It's time for Hong Kong's pan-dems to reject rejectionism
It's been a long time coming but Ronny Tong Ka-wah's resignation from the Civic Party was inevitable.
Since the government put forward the ill-fated electoral reform package earlier this year, Tong was alone among all 27 pan-democratic lawmakers in showing any wish to work with Beijing to come up with a viable compromise. In public, he seemed to spend more time travelling with Chief Secretary Carrie Lam Cheng Yuet-ngor consulting the public than with his own party faithfuls.
Meanwhile, the party which he co-founded almost a decade ago joined the other radicals to adopt a wholesale rejectionist stance. It was not enough for his party to reject the package, but its leaders, such as Alan Leong Kah-kit, never missed an opportunity to thumb their noses at Beijing and insult local officials in the bluntest terms.
Effectively, Leong and his party have become no different from People Power's Albert Chan Wai-yip and League of Social Democrats' "Long Hair" Leung Kwok-hung, except he wears a suit.
All three political groupings have few alternative policy proposals to offer other than denouncing the Leung Chun-ying administration and Beijing. If this is all that an opposition needs to do at considerable public expense, then literally anyone can do their job. No wonder more intelligent and farsighted people like Tong have become disillusioned with the pan-democratic movement in the aftermath of Legco's rejection of the reform package.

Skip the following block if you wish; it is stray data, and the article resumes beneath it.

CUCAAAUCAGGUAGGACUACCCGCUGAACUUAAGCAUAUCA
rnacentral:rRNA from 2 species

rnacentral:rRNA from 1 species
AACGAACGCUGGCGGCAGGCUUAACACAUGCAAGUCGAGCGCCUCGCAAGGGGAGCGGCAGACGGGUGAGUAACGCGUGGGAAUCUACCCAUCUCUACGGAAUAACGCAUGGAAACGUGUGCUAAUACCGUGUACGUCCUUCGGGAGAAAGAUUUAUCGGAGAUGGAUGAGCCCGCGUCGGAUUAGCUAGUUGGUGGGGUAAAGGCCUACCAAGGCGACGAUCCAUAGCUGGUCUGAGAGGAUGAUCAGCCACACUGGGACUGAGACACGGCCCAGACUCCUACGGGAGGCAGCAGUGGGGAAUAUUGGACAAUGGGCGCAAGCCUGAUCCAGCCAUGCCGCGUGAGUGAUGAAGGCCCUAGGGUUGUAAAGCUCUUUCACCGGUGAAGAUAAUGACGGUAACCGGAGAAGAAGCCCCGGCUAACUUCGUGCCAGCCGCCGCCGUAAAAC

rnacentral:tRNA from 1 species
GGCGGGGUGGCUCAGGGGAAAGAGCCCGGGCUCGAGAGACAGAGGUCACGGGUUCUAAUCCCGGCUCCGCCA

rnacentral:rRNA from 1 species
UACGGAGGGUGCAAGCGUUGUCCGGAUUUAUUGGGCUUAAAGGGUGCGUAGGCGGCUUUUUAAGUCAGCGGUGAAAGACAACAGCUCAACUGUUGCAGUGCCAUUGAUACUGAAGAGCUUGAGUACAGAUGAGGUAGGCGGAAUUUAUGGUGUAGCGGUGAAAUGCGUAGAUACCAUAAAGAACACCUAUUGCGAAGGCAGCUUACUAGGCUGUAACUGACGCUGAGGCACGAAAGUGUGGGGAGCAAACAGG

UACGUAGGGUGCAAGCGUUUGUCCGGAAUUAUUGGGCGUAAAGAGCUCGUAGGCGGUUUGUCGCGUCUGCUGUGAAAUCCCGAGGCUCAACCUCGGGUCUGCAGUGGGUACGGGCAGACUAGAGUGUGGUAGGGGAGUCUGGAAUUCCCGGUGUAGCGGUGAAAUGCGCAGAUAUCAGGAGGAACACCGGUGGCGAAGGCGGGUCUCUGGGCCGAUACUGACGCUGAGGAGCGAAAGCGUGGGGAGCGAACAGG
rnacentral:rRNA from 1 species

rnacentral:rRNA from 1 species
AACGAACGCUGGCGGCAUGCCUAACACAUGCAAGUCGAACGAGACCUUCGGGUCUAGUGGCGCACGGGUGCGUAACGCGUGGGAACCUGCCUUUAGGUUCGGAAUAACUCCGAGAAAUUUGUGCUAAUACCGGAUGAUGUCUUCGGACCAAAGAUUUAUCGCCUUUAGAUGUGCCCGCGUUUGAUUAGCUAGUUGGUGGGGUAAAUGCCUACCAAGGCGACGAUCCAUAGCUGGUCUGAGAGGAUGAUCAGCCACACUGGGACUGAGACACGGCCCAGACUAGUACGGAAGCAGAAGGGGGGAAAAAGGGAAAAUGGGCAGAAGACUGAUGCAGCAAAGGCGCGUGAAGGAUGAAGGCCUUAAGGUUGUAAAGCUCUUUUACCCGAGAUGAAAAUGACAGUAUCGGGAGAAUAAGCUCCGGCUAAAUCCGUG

But to be fair, the same can be, and has been, said about most of the bumbling and unprofessional pro-establishment legislators.
By quitting, I assume Tong wants to set an example for other pan-dems to pursue the following. The pan-dems need to prove they are worthy and capable of holding power. This means first setting up shadow cabinets to track the agendas of the key policy bureaus and offer not only criticism but policy alternatives. The kind of "just say no" rejectionism of Leong, Chan and Leung is rapidly losing credibility and getting tiresome for the public.
Secondly, pan-dems need to start practising what has been called "internal diplomacy" by raising dealings with Beijing to a more professional level.
I wish Tong well in his future endeavours to serve the people of Hong Kong.